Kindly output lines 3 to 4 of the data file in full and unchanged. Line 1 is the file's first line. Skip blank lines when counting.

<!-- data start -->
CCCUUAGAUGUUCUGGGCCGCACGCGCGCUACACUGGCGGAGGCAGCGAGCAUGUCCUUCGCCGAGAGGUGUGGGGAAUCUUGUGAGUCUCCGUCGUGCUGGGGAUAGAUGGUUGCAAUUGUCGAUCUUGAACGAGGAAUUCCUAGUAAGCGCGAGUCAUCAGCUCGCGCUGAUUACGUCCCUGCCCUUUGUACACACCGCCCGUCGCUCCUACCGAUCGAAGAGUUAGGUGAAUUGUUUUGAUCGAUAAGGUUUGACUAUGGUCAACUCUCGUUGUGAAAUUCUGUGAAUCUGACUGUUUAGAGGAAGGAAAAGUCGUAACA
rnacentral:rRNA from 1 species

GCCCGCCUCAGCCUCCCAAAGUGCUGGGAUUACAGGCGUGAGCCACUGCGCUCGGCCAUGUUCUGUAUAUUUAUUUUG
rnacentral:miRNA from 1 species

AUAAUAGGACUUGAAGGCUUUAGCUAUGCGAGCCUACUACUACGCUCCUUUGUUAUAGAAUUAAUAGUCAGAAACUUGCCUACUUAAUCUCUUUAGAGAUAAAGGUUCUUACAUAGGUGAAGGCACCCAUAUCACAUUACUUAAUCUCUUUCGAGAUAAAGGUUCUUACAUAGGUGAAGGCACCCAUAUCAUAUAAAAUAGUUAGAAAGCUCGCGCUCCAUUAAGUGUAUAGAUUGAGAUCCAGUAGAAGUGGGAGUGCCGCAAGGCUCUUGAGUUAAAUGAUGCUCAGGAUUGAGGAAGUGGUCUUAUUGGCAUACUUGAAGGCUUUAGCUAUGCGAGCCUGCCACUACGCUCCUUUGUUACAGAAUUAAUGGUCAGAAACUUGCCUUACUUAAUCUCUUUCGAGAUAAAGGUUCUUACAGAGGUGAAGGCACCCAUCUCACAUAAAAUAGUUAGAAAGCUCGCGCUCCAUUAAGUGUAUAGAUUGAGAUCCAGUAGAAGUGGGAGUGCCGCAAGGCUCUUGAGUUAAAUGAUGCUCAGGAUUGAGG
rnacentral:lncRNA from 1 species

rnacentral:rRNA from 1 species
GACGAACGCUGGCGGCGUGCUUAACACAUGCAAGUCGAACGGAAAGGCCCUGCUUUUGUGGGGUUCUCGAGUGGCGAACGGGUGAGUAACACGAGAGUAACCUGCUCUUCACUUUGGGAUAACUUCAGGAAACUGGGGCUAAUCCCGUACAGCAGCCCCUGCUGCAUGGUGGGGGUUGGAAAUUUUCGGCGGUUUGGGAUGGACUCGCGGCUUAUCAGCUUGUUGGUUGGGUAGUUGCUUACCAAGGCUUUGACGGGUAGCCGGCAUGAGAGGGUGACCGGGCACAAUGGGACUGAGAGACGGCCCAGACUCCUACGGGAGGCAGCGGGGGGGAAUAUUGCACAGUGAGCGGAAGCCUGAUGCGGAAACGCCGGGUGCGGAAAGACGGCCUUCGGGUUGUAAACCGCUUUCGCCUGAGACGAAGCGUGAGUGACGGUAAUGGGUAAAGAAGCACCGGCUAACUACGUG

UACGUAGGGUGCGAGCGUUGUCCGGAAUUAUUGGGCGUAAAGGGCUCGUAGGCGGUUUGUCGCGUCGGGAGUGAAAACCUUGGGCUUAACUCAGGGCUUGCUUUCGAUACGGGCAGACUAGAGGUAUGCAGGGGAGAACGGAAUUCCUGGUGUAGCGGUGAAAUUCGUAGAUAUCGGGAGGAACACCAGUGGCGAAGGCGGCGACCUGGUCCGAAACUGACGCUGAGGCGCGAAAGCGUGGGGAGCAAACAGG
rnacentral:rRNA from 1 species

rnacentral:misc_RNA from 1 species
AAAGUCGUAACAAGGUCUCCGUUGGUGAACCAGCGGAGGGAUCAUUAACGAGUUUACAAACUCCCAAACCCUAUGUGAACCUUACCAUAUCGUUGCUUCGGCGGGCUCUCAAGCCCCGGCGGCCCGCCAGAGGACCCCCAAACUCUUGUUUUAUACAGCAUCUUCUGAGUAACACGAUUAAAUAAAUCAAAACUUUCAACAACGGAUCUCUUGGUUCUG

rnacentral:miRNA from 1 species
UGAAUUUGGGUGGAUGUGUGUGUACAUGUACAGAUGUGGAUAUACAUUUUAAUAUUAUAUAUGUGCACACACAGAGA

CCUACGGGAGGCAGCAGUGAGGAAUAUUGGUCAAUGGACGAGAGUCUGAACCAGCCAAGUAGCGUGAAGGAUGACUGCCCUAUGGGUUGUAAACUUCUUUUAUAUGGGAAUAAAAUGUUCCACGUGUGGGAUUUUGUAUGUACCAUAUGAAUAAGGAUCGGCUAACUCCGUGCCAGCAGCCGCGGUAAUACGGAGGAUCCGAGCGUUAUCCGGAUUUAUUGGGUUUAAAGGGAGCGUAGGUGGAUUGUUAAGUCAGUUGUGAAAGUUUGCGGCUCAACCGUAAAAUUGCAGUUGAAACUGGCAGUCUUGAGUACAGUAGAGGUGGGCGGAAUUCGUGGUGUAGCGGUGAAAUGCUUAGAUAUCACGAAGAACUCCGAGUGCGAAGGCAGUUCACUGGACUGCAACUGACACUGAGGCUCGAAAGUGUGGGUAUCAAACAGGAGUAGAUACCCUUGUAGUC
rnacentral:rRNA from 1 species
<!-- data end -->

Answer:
GCCCGCCUCAGCCUCCCAAAGUGCUGGGAUUACAGGCGUGAGCCACUGCGCUCGGCCAUGUUCUGUAUAUUUAUUUUG
rnacentral:miRNA from 1 species